Navajo council votes to move forward on coal mine acquisition

During a special session held on Oct. 16, Navajo Nation Council members voted 17-2 in favor of spending $4.1m on initial and immediate costs and obligations associated with the completion of ongoing negotiations and to close on an acquisition of Navajo coal mine from international mining firm BHP Billiton.

Legislation sponsor Council Delegate LoRenzo Bates provided assurances that the mine acquisition would be a successful venture, including the proven track record of BHP Billiton and sole customer the Four Corners power plant to generate and burn coal for electricity, the “dedicated” and “skilled” workforce already in place at both sites, the Navajo Nation’s nearly one-hundred years of coal supply, and that technology will continue to advance to provide cleaner methods of coal energy production.

“Technology will show that in some point in time, coal will become a much more valuable resource. There is a future for coal,” said Bates in an Oct. 17 statement.

Council Delegate Danny Simpson said he supports “green” energy development, while noting that the nation would lose $70m-$80m annually, including one-third of revenues for each of the Nation’s 110 chapters, if the Navajo mine and Four Corners plant closed. “I’m pro-green but there has to be a transition,” said Simpson. “It’s not going to happen overnight and it’s not going to happen two years from now.”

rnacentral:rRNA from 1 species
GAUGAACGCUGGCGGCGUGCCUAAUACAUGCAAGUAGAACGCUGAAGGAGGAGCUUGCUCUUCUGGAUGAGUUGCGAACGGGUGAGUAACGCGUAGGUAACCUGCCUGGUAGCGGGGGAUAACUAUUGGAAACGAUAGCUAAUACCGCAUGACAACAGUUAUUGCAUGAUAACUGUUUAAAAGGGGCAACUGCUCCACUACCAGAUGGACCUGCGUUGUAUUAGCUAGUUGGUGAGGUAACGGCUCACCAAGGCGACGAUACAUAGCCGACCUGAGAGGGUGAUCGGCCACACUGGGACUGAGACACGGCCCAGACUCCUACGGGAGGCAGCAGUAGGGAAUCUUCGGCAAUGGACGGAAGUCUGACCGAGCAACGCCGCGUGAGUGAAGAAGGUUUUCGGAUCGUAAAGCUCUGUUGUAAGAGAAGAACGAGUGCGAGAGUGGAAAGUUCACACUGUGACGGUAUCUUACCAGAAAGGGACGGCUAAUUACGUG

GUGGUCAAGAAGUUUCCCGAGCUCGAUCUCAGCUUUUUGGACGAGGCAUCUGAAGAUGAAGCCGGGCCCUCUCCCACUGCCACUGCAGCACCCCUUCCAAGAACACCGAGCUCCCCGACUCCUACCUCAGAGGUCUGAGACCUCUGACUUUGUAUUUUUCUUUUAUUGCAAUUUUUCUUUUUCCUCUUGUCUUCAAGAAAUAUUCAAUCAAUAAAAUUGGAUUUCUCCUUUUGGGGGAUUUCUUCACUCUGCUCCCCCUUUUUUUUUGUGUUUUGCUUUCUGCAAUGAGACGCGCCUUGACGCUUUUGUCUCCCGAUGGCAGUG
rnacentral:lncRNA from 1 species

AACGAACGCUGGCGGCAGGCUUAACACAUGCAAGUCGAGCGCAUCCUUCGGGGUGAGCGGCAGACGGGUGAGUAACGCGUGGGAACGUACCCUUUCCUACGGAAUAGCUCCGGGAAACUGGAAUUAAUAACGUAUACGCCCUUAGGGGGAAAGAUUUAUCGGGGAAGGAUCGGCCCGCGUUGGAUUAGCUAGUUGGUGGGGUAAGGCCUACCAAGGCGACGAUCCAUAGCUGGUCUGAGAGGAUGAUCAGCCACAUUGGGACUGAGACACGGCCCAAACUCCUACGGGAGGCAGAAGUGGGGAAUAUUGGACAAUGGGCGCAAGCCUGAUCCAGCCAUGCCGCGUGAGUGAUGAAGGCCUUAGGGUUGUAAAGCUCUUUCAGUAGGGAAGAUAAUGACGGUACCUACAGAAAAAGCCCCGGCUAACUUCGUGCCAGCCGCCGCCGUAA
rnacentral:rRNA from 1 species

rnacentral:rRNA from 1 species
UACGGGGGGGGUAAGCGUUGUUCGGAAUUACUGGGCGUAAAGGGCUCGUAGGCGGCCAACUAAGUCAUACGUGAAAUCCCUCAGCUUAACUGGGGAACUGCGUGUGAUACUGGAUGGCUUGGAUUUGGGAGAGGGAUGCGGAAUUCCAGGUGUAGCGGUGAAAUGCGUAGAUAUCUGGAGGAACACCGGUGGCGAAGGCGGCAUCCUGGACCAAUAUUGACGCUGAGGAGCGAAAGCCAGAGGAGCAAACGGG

The bill now goes to President Ben Shelly for review and consideration.

Four Corners has five coal units with a total capacity of 2,060 MW. Units 1, 2, and 3 at are owned by Arizona Public Service (APS), which serves as the facility operator, and are each rated at 170 MW (Units 1 and 2) and 220 MW (Unit 3). Units 4 and 5 are each rated to a capacity of 750 MW, and are co-owned by six entities: Southern California Edison (48%), APS (15%), Public Service Co. of New Mexico (13%), Salt River Project (10%), El Paso Electric (7%) and Tucson Electric Power (7%).

APS has said that, if its currently delayed purchase of Southern California Edison’s interests in Units 4 and 5 at Four Corners is consummated, it will close Units 1-3 at the plant to reduce air emissions. These events will change the plant’s overall generating capacity to 1,540 MW and APS’s entitlement from the plant from 791 MW to 970 MW. Those shutdowns would mean a reduced market for the Navajo coal.

About Barry Cassell 20414 Articles
Barry Cassell is Chief Analyst for GenerationHub covering coal and emission controls issues, projects and policy. He has covered the coal and power generation industry for more than 24 years, beginning in November 2011 at GenerationHub and prior to that as editor of SNL Energy’s Coal Report. He was formerly with Coal Outlook for 15 years as the publication’s editor and contributing writer, and prior to that he was editor of Coal & Synfuels Technology and associate editor of The Energy Report. He has a bachelor’s degree from Central Michigan University.